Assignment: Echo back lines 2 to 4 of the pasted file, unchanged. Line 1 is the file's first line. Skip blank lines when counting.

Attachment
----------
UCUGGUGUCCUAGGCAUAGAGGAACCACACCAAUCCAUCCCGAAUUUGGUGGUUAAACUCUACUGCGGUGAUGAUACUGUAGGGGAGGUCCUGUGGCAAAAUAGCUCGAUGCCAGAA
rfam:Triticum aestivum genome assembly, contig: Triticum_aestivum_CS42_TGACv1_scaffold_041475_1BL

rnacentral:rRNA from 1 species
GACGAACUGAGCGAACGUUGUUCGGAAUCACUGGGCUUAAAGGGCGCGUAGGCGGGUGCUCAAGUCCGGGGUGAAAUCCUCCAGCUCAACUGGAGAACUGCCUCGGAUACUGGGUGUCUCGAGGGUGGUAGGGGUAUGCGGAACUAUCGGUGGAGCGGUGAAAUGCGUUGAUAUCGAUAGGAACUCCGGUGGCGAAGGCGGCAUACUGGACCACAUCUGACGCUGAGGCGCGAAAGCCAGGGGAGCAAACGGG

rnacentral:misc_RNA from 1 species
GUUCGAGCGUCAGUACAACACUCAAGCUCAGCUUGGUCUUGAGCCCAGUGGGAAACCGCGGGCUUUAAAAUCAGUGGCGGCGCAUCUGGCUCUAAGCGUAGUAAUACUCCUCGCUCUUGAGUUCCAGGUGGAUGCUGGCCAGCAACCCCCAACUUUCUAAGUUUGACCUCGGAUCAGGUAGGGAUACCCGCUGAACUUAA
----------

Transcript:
rfam:Triticum aestivum genome assembly, contig: Triticum_aestivum_CS42_TGACv1_scaffold_041475_1BL

rnacentral:rRNA from 1 species
GACGAACUGAGCGAACGUUGUUCGGAAUCACUGGGCUUAAAGGGCGCGUAGGCGGGUGCUCAAGUCCGGGGUGAAAUCCUCCAGCUCAACUGGAGAACUGCCUCGGAUACUGGGUGUCUCGAGGGUGGUAGGGGUAUGCGGAACUAUCGGUGGAGCGGUGAAAUGCGUUGAUAUCGAUAGGAACUCCGGUGGCGAAGGCGGCAUACUGGACCACAUCUGACGCUGAGGCGCGAAAGCCAGGGGAGCAAACGGG